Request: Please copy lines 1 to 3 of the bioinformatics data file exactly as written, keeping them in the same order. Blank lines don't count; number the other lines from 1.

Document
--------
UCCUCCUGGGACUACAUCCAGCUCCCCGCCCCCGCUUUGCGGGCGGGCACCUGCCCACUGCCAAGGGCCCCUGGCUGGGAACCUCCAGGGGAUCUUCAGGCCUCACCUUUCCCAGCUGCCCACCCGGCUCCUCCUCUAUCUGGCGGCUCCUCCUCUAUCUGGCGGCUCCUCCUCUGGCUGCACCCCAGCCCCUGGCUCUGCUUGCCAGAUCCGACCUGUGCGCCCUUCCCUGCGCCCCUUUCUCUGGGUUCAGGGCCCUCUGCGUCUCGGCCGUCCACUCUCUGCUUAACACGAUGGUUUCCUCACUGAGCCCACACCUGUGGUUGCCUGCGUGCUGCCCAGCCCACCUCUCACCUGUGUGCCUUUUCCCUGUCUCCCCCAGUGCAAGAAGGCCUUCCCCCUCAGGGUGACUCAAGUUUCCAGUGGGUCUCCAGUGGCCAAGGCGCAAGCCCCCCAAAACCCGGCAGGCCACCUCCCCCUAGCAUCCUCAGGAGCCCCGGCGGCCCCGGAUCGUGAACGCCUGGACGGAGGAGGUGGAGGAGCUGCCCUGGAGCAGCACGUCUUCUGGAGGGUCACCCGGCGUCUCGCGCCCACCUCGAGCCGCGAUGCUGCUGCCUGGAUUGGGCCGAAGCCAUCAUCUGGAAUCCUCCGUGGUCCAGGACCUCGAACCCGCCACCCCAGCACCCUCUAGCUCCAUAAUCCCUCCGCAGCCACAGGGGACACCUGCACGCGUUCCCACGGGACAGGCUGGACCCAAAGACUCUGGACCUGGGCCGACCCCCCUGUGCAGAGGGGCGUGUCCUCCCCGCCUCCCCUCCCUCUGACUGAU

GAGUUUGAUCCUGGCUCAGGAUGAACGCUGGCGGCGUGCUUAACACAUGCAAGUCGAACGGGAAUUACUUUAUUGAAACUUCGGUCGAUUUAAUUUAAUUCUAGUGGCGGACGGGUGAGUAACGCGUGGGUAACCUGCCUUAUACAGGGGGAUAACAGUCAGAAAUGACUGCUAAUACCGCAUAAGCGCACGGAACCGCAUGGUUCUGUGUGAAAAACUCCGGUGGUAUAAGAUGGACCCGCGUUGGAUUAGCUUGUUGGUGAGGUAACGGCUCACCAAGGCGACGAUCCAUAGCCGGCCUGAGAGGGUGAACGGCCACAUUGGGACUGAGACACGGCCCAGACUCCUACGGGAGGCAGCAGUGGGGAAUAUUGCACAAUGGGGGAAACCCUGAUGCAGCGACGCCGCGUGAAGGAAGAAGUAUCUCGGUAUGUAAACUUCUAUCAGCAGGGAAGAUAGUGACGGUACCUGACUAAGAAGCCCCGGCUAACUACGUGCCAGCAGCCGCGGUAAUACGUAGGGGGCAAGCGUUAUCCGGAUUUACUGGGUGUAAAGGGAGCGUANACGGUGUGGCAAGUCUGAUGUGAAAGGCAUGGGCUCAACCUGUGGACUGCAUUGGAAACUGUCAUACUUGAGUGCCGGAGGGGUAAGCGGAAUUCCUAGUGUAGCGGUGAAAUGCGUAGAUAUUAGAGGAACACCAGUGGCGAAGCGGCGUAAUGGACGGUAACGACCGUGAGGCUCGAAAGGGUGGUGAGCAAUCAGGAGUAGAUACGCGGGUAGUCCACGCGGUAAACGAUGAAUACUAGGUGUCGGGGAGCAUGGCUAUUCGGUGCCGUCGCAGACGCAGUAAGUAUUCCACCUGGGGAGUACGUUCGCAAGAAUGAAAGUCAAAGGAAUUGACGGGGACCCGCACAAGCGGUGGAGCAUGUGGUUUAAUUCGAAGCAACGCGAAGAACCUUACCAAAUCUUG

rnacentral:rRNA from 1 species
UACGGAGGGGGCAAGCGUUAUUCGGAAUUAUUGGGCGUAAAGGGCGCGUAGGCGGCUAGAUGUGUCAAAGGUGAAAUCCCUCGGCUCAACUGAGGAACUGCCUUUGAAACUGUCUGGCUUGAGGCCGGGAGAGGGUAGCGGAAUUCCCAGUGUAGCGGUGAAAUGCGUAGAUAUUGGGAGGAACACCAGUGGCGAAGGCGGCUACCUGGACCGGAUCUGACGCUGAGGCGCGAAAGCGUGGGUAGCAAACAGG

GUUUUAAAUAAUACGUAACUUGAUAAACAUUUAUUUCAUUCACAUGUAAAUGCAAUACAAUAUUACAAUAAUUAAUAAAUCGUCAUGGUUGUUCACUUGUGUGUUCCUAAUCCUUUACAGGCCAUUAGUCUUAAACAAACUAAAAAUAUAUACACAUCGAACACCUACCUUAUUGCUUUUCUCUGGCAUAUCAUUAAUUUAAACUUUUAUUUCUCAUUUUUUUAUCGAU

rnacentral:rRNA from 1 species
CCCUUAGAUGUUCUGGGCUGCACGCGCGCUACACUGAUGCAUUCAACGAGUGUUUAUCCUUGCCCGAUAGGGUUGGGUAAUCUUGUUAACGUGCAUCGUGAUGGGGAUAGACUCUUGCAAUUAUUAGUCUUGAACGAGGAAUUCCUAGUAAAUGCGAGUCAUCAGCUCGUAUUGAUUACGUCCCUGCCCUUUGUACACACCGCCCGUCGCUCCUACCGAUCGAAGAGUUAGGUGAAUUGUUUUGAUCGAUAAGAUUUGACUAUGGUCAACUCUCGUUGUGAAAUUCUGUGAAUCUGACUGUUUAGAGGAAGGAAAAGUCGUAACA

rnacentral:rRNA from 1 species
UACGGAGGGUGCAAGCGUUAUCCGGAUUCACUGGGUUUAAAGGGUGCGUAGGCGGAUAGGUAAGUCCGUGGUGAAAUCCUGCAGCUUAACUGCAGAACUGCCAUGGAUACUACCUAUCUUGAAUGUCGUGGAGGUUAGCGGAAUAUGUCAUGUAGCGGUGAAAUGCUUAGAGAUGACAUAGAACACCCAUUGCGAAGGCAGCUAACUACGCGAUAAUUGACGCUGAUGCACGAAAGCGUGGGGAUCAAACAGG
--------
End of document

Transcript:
UCCUCCUGGGACUACAUCCAGCUCCCCGCCCCCGCUUUGCGGGCGGGCACCUGCCCACUGCCAAGGGCCCCUGGCUGGGAACCUCCAGGGGAUCUUCAGGCCUCACCUUUCCCAGCUGCCCACCCGGCUCCUCCUCUAUCUGGCGGCUCCUCCUCUAUCUGGCGGCUCCUCCUCUGGCUGCACCCCAGCCCCUGGCUCUGCUUGCCAGAUCCGACCUGUGCGCCCUUCCCUGCGCCCCUUUCUCUGGGUUCAGGGCCCUCUGCGUCUCGGCCGUCCACUCUCUGCUUAACACGAUGGUUUCCUCACUGAGCCCACACCUGUGGUUGCCUGCGUGCUGCCCAGCCCACCUCUCACCUGUGUGCCUUUUCCCUGUCUCCCCCAGUGCAAGAAGGCCUUCCCCCUCAGGGUGACUCAAGUUUCCAGUGGGUCUCCAGUGGCCAAGGCGCAAGCCCCCCAAAACCCGGCAGGCCACCUCCCCCUAGCAUCCUCAGGAGCCCCGGCGGCCCCGGAUCGUGAACGCCUGGACGGAGGAGGUGGAGGAGCUGCCCUGGAGCAGCACGUCUUCUGGAGGGUCACCCGGCGUCUCGCGCCCACCUCGAGCCGCGAUGCUGCUGCCUGGAUUGGGCCGAAGCCAUCAUCUGGAAUCCUCCGUGGUCCAGGACCUCGAACCCGCCACCCCAGCACCCUCUAGCUCCAUAAUCCCUCCGCAGCCACAGGGGACACCUGCACGCGUUCCCACGGGACAGGCUGGACCCAAAGACUCUGGACCUGGGCCGACCCCCCUGUGCAGAGGGGCGUGUCCUCCCCGCCUCCCCUCCCUCUGACUGAU

GAGUUUGAUCCUGGCUCAGGAUGAACGCUGGCGGCGUGCUUAACACAUGCAAGUCGAACGGGAAUUACUUUAUUGAAACUUCGGUCGAUUUAAUUUAAUUCUAGUGGCGGACGGGUGAGUAACGCGUGGGUAACCUGCCUUAUACAGGGGGAUAACAGUCAGAAAUGACUGCUAAUACCGCAUAAGCGCACGGAACCGCAUGGUUCUGUGUGAAAAACUCCGGUGGUAUAAGAUGGACCCGCGUUGGAUUAGCUUGUUGGUGAGGUAACGGCUCACCAAGGCGACGAUCCAUAGCCGGCCUGAGAGGGUGAACGGCCACAUUGGGACUGAGACACGGCCCAGACUCCUACGGGAGGCAGCAGUGGGGAAUAUUGCACAAUGGGGGAAACCCUGAUGCAGCGACGCCGCGUGAAGGAAGAAGUAUCUCGGUAUGUAAACUUCUAUCAGCAGGGAAGAUAGUGACGGUACCUGACUAAGAAGCCCCGGCUAACUACGUGCCAGCAGCCGCGGUAAUACGUAGGGGGCAAGCGUUAUCCGGAUUUACUGGGUGUAAAGGGAGCGUANACGGUGUGGCAAGUCUGAUGUGAAAGGCAUGGGCUCAACCUGUGGACUGCAUUGGAAACUGUCAUACUUGAGUGCCGGAGGGGUAAGCGGAAUUCCUAGUGUAGCGGUGAAAUGCGUAGAUAUUAGAGGAACACCAGUGGCGAAGCGGCGUAAUGGACGGUAACGACCGUGAGGCUCGAAAGGGUGGUGAGCAAUCAGGAGUAGAUACGCGGGUAGUCCACGCGGUAAACGAUGAAUACUAGGUGUCGGGGAGCAUGGCUAUUCGGUGCCGUCGCAGACGCAGUAAGUAUUCCACCUGGGGAGUACGUUCGCAAGAAUGAAAGUCAAAGGAAUUGACGGGGACCCGCACAAGCGGUGGAGCAUGUGGUUUAAUUCGAAGCAACGCGAAGAACCUUACCAAAUCUUG

rnacentral:rRNA from 1 species